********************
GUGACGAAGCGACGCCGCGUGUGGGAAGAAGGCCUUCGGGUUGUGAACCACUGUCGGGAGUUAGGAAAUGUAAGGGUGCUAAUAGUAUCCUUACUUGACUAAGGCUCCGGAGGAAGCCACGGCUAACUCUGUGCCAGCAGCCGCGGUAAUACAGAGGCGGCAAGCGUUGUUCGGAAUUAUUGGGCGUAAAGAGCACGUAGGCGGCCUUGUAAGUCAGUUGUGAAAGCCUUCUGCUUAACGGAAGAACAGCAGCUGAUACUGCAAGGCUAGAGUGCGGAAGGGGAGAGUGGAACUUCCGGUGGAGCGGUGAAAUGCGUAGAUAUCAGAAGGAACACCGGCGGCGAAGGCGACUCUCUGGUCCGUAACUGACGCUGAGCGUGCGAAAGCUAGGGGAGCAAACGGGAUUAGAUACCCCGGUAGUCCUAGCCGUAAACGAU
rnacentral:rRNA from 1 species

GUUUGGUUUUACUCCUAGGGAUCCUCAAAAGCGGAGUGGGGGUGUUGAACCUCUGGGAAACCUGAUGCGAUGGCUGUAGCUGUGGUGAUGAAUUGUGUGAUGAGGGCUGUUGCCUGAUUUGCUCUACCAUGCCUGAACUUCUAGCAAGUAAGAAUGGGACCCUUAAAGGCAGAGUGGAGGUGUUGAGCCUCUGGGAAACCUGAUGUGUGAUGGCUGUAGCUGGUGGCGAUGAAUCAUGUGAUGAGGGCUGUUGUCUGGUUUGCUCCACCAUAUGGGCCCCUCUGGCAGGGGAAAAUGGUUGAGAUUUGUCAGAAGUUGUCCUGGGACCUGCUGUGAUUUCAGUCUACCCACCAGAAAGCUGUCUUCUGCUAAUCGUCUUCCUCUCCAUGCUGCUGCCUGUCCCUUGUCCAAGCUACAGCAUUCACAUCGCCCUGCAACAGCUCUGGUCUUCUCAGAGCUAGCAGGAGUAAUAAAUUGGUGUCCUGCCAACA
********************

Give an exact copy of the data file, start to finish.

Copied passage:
GUGACGAAGCGACGCCGCGUGUGGGAAGAAGGCCUUCGGGUUGUGAACCACUGUCGGGAGUUAGGAAAUGUAAGGGUGCUAAUAGUAUCCUUACUUGACUAAGGCUCCGGAGGAAGCCACGGCUAACUCUGUGCCAGCAGCCGCGGUAAUACAGAGGCGGCAAGCGUUGUUCGGAAUUAUUGGGCGUAAAGAGCACGUAGGCGGCCUUGUAAGUCAGUUGUGAAAGCCUUCUGCUUAACGGAAGAACAGCAGCUGAUACUGCAAGGCUAGAGUGCGGAAGGGGAGAGUGGAACUUCCGGUGGAGCGGUGAAAUGCGUAGAUAUCAGAAGGAACACCGGCGGCGAAGGCGACUCUCUGGUCCGUAACUGACGCUGAGCGUGCGAAAGCUAGGGGAGCAAACGGGAUUAGAUACCCCGGUAGUCCUAGCCGUAAACGAU
rnacentral:rRNA from 1 species

GUUUGGUUUUACUCCUAGGGAUCCUCAAAAGCGGAGUGGGGGUGUUGAACCUCUGGGAAACCUGAUGCGAUGGCUGUAGCUGUGGUGAUGAAUUGUGUGAUGAGGGCUGUUGCCUGAUUUGCUCUACCAUGCCUGAACUUCUAGCAAGUAAGAAUGGGACCCUUAAAGGCAGAGUGGAGGUGUUGAGCCUCUGGGAAACCUGAUGUGUGAUGGCUGUAGCUGGUGGCGAUGAAUCAUGUGAUGAGGGCUGUUGUCUGGUUUGCUCCACCAUAUGGGCCCCUCUGGCAGGGGAAAAUGGUUGAGAUUUGUCAGAAGUUGUCCUGGGACCUGCUGUGAUUUCAGUCUACCCACCAGAAAGCUGUCUUCUGCUAAUCGUCUUCCUCUCCAUGCUGCUGCCUGUCCCUUGUCCAAGCUACAGCAUUCACAUCGCCCUGCAACAGCUCUGGUCUUCUCAGAGCUAGCAGGAGUAAUAAAUUGGUGUCCUGCCAACA